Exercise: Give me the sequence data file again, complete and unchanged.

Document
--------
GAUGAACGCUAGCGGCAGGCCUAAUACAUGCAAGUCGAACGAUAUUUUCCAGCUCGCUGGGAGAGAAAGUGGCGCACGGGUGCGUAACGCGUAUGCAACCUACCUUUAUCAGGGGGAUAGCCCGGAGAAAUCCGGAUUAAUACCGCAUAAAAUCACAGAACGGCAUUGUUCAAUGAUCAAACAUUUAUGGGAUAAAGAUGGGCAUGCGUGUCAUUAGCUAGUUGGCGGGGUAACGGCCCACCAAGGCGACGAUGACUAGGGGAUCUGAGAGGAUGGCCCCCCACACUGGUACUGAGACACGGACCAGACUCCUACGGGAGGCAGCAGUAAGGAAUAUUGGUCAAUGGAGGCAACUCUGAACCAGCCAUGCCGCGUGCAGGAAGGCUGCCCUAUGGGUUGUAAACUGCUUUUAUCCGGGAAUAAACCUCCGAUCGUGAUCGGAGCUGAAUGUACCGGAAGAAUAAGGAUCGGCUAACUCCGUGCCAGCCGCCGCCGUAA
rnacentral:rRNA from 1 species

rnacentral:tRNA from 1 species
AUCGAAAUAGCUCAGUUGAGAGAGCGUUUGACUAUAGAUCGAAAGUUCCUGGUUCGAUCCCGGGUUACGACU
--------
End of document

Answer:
GAUGAACGCUAGCGGCAGGCCUAAUACAUGCAAGUCGAACGAUAUUUUCCAGCUCGCUGGGAGAGAAAGUGGCGCACGGGUGCGUAACGCGUAUGCAACCUACCUUUAUCAGGGGGAUAGCCCGGAGAAAUCCGGAUUAAUACCGCAUAAAAUCACAGAACGGCAUUGUUCAAUGAUCAAACAUUUAUGGGAUAAAGAUGGGCAUGCGUGUCAUUAGCUAGUUGGCGGGGUAACGGCCCACCAAGGCGACGAUGACUAGGGGAUCUGAGAGGAUGGCCCCCCACACUGGUACUGAGACACGGACCAGACUCCUACGGGAGGCAGCAGUAAGGAAUAUUGGUCAAUGGAGGCAACUCUGAACCAGCCAUGCCGCGUGCAGGAAGGCUGCCCUAUGGGUUGUAAACUGCUUUUAUCCGGGAAUAAACCUCCGAUCGUGAUCGGAGCUGAAUGUACCGGAAGAAUAAGGAUCGGCUAACUCCGUGCCAGCCGCCGCCGUAA
rnacentral:rRNA from 1 species

rnacentral:tRNA from 1 species
AUCGAAAUAGCUCAGUUGAGAGAGCGUUUGACUAUAGAUCGAAAGUUCCUGGUUCGAUCCCGGGUUACGACU